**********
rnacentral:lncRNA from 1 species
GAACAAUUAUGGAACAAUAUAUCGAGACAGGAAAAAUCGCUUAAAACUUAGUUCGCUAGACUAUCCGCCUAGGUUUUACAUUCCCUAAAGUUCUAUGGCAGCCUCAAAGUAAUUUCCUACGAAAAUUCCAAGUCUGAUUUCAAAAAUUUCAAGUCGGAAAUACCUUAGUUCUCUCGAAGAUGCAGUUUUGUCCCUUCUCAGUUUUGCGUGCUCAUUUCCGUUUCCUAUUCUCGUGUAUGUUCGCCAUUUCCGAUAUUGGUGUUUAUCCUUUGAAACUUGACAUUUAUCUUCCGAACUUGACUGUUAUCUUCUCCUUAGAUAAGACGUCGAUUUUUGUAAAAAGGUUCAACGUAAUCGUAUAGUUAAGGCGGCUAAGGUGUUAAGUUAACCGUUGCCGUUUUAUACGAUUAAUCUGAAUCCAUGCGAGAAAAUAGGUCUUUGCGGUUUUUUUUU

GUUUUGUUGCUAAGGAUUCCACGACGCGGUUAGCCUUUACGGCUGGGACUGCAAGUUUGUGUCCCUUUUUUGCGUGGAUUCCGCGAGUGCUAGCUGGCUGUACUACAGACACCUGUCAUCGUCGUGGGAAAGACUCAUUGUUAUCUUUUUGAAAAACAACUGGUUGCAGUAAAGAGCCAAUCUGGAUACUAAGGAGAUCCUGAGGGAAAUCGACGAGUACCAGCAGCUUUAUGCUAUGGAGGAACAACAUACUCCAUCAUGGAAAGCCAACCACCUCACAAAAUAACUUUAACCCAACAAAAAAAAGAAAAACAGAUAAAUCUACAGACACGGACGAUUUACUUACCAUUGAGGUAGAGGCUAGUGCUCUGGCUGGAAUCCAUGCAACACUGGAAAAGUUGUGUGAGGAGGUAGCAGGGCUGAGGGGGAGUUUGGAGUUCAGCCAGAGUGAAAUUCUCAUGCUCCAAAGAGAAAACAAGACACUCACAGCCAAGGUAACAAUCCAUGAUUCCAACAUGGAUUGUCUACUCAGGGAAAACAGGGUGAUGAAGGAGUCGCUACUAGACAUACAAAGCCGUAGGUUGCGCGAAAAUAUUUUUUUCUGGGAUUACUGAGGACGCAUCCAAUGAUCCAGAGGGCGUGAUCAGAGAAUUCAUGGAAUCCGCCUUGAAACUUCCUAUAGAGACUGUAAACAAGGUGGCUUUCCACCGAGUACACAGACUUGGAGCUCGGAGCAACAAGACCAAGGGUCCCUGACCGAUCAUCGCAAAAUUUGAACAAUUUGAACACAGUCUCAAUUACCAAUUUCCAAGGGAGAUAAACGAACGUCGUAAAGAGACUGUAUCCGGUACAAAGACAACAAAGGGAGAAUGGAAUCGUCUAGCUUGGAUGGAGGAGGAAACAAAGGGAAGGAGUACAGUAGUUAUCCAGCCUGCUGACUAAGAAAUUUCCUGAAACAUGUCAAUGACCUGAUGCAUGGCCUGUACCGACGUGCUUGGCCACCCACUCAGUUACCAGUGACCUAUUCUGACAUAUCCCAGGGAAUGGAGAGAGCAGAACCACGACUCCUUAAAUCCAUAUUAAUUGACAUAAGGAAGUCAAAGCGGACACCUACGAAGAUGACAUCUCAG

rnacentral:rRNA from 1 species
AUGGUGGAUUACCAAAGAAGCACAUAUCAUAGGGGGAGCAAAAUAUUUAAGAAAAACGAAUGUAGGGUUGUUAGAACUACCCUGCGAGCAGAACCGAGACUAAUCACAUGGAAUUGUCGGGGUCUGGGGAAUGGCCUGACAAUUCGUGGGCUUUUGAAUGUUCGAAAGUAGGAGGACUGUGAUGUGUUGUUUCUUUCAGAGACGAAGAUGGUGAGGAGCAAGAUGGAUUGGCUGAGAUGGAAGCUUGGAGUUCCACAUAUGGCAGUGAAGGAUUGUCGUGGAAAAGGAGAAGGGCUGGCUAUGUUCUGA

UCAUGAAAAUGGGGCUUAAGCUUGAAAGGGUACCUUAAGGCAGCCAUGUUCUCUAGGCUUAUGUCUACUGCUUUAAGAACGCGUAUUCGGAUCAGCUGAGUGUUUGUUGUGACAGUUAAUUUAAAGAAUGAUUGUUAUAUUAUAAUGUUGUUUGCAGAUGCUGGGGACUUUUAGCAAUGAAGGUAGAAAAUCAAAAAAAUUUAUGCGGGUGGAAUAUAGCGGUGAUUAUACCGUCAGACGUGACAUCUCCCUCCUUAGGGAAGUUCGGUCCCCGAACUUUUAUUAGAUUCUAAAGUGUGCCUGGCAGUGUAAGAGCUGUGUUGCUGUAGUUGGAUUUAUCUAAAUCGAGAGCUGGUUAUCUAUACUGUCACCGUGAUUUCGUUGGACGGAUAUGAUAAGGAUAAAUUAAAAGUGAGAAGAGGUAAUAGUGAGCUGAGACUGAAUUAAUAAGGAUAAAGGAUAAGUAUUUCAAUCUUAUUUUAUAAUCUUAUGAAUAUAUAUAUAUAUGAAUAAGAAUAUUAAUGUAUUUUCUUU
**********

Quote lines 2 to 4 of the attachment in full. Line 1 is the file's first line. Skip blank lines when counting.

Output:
GAACAAUUAUGGAACAAUAUAUCGAGACAGGAAAAAUCGCUUAAAACUUAGUUCGCUAGACUAUCCGCCUAGGUUUUACAUUCCCUAAAGUUCUAUGGCAGCCUCAAAGUAAUUUCCUACGAAAAUUCCAAGUCUGAUUUCAAAAAUUUCAAGUCGGAAAUACCUUAGUUCUCUCGAAGAUGCAGUUUUGUCCCUUCUCAGUUUUGCGUGCUCAUUUCCGUUUCCUAUUCUCGUGUAUGUUCGCCAUUUCCGAUAUUGGUGUUUAUCCUUUGAAACUUGACAUUUAUCUUCCGAACUUGACUGUUAUCUUCUCCUUAGAUAAGACGUCGAUUUUUGUAAAAAGGUUCAACGUAAUCGUAUAGUUAAGGCGGCUAAGGUGUUAAGUUAACCGUUGCCGUUUUAUACGAUUAAUCUGAAUCCAUGCGAGAAAAUAGGUCUUUGCGGUUUUUUUUU

GUUUUGUUGCUAAGGAUUCCACGACGCGGUUAGCCUUUACGGCUGGGACUGCAAGUUUGUGUCCCUUUUUUGCGUGGAUUCCGCGAGUGCUAGCUGGCUGUACUACAGACACCUGUCAUCGUCGUGGGAAAGACUCAUUGUUAUCUUUUUGAAAAACAACUGGUUGCAGUAAAGAGCCAAUCUGGAUACUAAGGAGAUCCUGAGGGAAAUCGACGAGUACCAGCAGCUUUAUGCUAUGGAGGAACAACAUACUCCAUCAUGGAAAGCCAACCACCUCACAAAAUAACUUUAACCCAACAAAAAAAAGAAAAACAGAUAAAUCUACAGACACGGACGAUUUACUUACCAUUGAGGUAGAGGCUAGUGCUCUGGCUGGAAUCCAUGCAACACUGGAAAAGUUGUGUGAGGAGGUAGCAGGGCUGAGGGGGAGUUUGGAGUUCAGCCAGAGUGAAAUUCUCAUGCUCCAAAGAGAAAACAAGACACUCACAGCCAAGGUAACAAUCCAUGAUUCCAACAUGGAUUGUCUACUCAGGGAAAACAGGGUGAUGAAGGAGUCGCUACUAGACAUACAAAGCCGUAGGUUGCGCGAAAAUAUUUUUUUCUGGGAUUACUGAGGACGCAUCCAAUGAUCCAGAGGGCGUGAUCAGAGAAUUCAUGGAAUCCGCCUUGAAACUUCCUAUAGAGACUGUAAACAAGGUGGCUUUCCACCGAGUACACAGACUUGGAGCUCGGAGCAACAAGACCAAGGGUCCCUGACCGAUCAUCGCAAAAUUUGAACAAUUUGAACACAGUCUCAAUUACCAAUUUCCAAGGGAGAUAAACGAACGUCGUAAAGAGACUGUAUCCGGUACAAAGACAACAAAGGGAGAAUGGAAUCGUCUAGCUUGGAUGGAGGAGGAAACAAAGGGAAGGAGUACAGUAGUUAUCCAGCCUGCUGACUAAGAAAUUUCCUGAAACAUGUCAAUGACCUGAUGCAUGGCCUGUACCGACGUGCUUGGCCACCCACUCAGUUACCAGUGACCUAUUCUGACAUAUCCCAGGGAAUGGAGAGAGCAGAACCACGACUCCUUAAAUCCAUAUUAAUUGACAUAAGGAAGUCAAAGCGGACACCUACGAAGAUGACAUCUCAG

rnacentral:rRNA from 1 species